With no end in sight, the Marines and sailors of the 26th Marine Expeditionary Unit are staying dedicated to helping those affected by Hurricane Sandy.

With no end in sight, the Marines and sailors of the 26th Marine Expeditionary Unit are staying dedicated to helping those affected by Hurricane Sandy for as long as it takes.

“We don’t really know how long we’re going to be here,” said Cpl. Bryan Nygaard, a public affairs Marine assigned to documenting the relief efforts of the 26th MEU, who added that he hopes the MEU will be able stay as long as they’re needed.

The 26th MEU, with more than 300 Marines and sailors and 12 helicopters, has partnered with Lejeune-based 8th Engineer Support Battalion, 2nd Marine Logistics Group, as well as the Federal Emergency Management Agency, the U.S. Army Corps of Engineers and the National Guard to help the residents of Staten Island, N.Y., return to normalcy as soon as possible.

The areas around Staten Island have flooded, lost power and access to gasoline, and in some cases have limited supplies of water and food. The MEU is currently helping area residents clear debris, pick up trash off the streets so emergency vehicles can drive through and pump water out of houses so residents have a place to live again. They’ve been using their helicopters to transport and relocate generators and restore beaches and have pumped more than 90,000 gallons of water from apartment buildings in Far Rockaway, N.Y., and another 750,000 gallons from homes in Breezy Point, N.Y., according to a press release from the Department of Defense.

Nygaard said the devastation and destruction he’s seen over the past week has been heartbreaking.

“It really is heart wrenching and it hurts to see it,” he said via telephone. “I met one woman who lost her two infant sons when they were swept away by the current. I saw a guy try to kill himself with a knife because he lost everything, and friends and neighbors tackled him to wrestle the knife away. Family heirlooms, household goods — it’s all out on the street. They don’t have power, electricity or potable water and it makes you want to be thankful for what you have.”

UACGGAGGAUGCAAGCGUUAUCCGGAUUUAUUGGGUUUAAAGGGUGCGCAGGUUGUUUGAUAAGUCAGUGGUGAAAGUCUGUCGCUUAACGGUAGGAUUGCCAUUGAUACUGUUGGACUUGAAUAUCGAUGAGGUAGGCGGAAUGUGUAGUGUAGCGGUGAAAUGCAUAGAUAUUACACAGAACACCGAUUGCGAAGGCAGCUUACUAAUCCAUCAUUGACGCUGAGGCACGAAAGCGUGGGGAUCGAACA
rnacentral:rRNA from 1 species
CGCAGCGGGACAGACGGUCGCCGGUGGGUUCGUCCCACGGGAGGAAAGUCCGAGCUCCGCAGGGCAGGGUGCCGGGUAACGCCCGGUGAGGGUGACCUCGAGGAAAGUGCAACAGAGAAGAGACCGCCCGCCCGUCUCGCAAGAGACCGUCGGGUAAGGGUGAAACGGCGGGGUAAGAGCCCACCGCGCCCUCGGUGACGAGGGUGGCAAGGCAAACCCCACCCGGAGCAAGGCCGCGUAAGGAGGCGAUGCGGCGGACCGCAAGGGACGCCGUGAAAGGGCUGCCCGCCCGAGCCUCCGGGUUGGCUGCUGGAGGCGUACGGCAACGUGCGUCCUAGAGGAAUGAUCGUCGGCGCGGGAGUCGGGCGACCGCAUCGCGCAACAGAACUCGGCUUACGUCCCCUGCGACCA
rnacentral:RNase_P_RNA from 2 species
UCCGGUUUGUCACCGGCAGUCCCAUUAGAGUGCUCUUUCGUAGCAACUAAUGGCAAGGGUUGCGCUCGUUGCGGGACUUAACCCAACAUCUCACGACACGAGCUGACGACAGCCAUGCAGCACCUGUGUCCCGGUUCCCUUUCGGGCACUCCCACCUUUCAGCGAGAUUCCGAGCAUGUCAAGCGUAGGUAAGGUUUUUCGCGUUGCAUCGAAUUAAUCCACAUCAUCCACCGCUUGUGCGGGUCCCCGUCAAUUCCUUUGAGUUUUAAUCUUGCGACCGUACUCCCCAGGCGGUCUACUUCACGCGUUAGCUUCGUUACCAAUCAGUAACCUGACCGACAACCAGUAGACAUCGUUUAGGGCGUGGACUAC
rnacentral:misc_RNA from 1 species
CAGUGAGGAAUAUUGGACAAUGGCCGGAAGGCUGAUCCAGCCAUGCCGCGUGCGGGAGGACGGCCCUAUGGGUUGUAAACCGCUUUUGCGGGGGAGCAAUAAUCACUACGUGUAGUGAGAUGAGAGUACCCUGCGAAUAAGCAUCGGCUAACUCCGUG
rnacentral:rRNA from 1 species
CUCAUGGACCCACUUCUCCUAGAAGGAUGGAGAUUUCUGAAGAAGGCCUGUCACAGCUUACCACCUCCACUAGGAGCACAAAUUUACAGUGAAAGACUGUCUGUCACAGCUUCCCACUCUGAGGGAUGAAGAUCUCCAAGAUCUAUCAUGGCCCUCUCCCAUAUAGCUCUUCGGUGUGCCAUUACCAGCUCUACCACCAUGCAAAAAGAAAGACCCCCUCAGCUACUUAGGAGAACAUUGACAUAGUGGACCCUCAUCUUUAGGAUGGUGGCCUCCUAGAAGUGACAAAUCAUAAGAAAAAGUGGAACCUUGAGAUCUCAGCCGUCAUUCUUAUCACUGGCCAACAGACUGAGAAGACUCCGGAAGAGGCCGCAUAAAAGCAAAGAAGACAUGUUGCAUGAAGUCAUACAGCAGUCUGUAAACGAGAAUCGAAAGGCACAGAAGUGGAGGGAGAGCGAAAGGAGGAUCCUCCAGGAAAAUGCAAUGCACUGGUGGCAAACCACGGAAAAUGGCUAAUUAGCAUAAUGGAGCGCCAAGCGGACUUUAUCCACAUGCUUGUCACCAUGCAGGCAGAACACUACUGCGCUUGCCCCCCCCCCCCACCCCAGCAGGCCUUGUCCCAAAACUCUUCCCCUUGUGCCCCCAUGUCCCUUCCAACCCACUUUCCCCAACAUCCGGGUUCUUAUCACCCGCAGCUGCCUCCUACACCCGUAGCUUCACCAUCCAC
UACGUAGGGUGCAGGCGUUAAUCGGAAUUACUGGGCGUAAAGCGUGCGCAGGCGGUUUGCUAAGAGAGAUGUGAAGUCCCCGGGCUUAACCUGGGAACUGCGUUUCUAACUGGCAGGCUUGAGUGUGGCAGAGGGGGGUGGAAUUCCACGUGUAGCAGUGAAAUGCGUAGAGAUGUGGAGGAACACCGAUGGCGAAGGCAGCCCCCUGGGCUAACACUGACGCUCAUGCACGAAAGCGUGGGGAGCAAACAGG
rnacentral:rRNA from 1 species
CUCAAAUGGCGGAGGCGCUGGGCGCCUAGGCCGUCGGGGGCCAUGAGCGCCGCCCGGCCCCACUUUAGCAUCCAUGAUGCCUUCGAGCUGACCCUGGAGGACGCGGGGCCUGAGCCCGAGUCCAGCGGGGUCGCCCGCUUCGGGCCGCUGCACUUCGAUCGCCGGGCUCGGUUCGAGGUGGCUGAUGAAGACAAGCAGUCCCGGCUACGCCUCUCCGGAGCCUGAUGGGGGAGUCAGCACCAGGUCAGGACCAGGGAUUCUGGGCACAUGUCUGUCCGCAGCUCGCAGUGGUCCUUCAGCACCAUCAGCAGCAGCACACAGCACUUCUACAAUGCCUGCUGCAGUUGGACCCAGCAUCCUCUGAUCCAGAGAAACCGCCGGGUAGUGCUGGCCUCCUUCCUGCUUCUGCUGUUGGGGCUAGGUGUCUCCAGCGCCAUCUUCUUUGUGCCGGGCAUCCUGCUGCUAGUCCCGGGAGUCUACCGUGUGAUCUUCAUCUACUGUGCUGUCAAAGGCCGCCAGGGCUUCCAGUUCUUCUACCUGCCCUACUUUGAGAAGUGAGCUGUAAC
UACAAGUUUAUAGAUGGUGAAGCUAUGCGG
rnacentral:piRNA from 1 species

Gunnery Sgt. Christopher Pilats, a Marine currently reinforcing the 26th MEU, called his experience “humbling.”

“In general, New Yorkers are very resilient, self-reliant, independent and strong minded people,” Pilats said in a recent article written by 26th MEU Public Affairs Officer Capt. Lucas Burke. “It kind of sets you back and makes you look at what you have and all your comforts when you see the New Yorkers in turmoil — you have families, kids and elders who can’t live in their house and have lost all their belongings.”

The efforts of the MEU were recently recognized by Commandant of the Marine Corps Gen. James Amos and Sergeant Major of the Marine Corps Sgt. Maj. Michael Barrett, who visited the Marines in Staten Island to praise them for their hasty response and presence that provided hope to the tri-state area.

The 26th MEU, stationed at Camp Lejeune and comprised of personnel from Cherry Point and New River, was in pre-deployment training when it received orders to head north to the New York-New Jersey areas hit by Hurricane Sandy. As an expeditionary force-in-readiness operating from the sea, the MEU is a Marine Air-Ground Task Force capable of conducting amphibious operations, crisis response and limited contingency operations.